This moment kicks off Asylum incredibly well. It offers up enough of that psychosexual horror mashup we’re used to from the series, and so it’s already clear this season should follow suit with all the dark terrors of the first; maybe even more.What I really enjoy about the opener to Season 2 is how the entire aesthetic of the first season holds over. It’s more evident than even most regular tv series’ are with their style. As an anthology, there’s always a risk each season might either fall short or overshadow its predecessor. While certain seasons of American Horror Story are most certainly better than others, I think what helps them all glue together and what allows each of them to still be excellent, regardless of the others before or after, is the fact the cinematography, the editing, the score, it all compounds into a beautifully evident overall style.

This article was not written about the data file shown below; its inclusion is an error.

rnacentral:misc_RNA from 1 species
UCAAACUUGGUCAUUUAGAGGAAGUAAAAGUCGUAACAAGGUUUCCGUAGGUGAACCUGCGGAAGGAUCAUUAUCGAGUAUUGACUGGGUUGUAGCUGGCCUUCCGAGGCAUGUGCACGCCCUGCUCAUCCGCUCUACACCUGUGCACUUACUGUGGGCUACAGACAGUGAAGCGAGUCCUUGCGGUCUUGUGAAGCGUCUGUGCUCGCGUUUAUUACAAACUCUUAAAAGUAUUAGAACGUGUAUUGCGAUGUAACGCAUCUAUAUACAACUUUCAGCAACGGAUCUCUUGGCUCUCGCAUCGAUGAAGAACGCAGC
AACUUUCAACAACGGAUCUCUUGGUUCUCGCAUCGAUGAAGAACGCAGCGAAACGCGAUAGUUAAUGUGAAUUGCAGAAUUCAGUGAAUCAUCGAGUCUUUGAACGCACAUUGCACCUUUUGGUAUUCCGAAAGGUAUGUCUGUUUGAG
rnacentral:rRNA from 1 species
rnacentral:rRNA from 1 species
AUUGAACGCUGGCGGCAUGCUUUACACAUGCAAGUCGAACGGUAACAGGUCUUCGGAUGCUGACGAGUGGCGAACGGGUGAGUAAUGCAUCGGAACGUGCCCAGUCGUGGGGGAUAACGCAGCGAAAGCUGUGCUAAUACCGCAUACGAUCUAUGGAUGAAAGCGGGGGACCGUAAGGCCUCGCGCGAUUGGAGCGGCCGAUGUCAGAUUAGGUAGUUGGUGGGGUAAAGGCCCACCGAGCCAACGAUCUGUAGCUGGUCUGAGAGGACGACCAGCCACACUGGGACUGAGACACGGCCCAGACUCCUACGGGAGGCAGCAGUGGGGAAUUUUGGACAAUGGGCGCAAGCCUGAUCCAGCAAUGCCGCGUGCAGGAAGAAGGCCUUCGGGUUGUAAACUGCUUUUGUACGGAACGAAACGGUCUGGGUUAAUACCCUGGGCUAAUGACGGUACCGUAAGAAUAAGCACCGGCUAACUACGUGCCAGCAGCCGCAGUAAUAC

So then we switch back to our main narrative of 1964.
First, we meet Kit Walker (Evan Peters). He’s a young, handsome man just getting by in the mid ’60s, working at a gas station and garage somewhere out in the boonies. At home, his wonderful wife Alma (Britne Oldford) waits for her husband. Unfortunately, in that time the Walkers had to remain underground with their relationship because interracial relationships were still frowned upon. We already get a threatening atmosphere from Kit’s friend Billy (Joe Egender) and a group of guys who show up at the station, giving Kit a very unwelcome feeling concerning his wife at home; a reference to chocolate becomes not so much racist as it feels scary.
But it’s not Billy and the boys Kit needs to worry about protecting himself, and his wife Alma, from ultimately. Lights flicker and the power goes off, on, the bedroom radio is on the fritz; things are not right. Then Kit seems to experience some kind of contact with… something. He thinks it’s Billy with some others, but it is far worse.